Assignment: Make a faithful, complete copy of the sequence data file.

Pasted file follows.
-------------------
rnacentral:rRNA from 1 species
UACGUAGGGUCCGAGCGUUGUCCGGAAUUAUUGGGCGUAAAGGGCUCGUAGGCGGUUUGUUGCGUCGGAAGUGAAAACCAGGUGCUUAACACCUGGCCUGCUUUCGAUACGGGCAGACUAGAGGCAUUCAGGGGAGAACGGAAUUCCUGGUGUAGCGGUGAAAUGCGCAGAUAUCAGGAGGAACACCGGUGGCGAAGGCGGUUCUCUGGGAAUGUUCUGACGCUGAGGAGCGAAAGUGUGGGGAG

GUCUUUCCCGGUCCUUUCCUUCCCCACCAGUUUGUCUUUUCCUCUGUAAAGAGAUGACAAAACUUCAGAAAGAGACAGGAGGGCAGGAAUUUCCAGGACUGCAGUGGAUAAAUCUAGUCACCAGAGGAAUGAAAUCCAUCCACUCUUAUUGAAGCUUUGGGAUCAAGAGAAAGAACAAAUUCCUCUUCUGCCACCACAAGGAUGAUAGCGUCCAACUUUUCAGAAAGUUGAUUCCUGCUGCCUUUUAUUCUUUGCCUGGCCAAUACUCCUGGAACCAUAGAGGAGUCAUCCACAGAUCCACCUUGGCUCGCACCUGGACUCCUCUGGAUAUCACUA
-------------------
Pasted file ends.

rnacentral:rRNA from 1 species
UACGUAGGGUCCGAGCGUUGUCCGGAAUUAUUGGGCGUAAAGGGCUCGUAGGCGGUUUGUUGCGUCGGAAGUGAAAACCAGGUGCUUAACACCUGGCCUGCUUUCGAUACGGGCAGACUAGAGGCAUUCAGGGGAGAACGGAAUUCCUGGUGUAGCGGUGAAAUGCGCAGAUAUCAGGAGGAACACCGGUGGCGAAGGCGGUUCUCUGGGAAUGUUCUGACGCUGAGGAGCGAAAGUGUGGGGAG

GUCUUUCCCGGUCCUUUCCUUCCCCACCAGUUUGUCUUUUCCUCUGUAAAGAGAUGACAAAACUUCAGAAAGAGACAGGAGGGCAGGAAUUUCCAGGACUGCAGUGGAUAAAUCUAGUCACCAGAGGAAUGAAAUCCAUCCACUCUUAUUGAAGCUUUGGGAUCAAGAGAAAGAACAAAUUCCUCUUCUGCCACCACAAGGAUGAUAGCGUCCAACUUUUCAGAAAGUUGAUUCCUGCUGCCUUUUAUUCUUUGCCUGGCCAAUACUCCUGGAACCAUAGAGGAGUCAUCCACAGAUCCACCUUGGCUCGCACCUGGACUCCUCUGGAUAUCACUA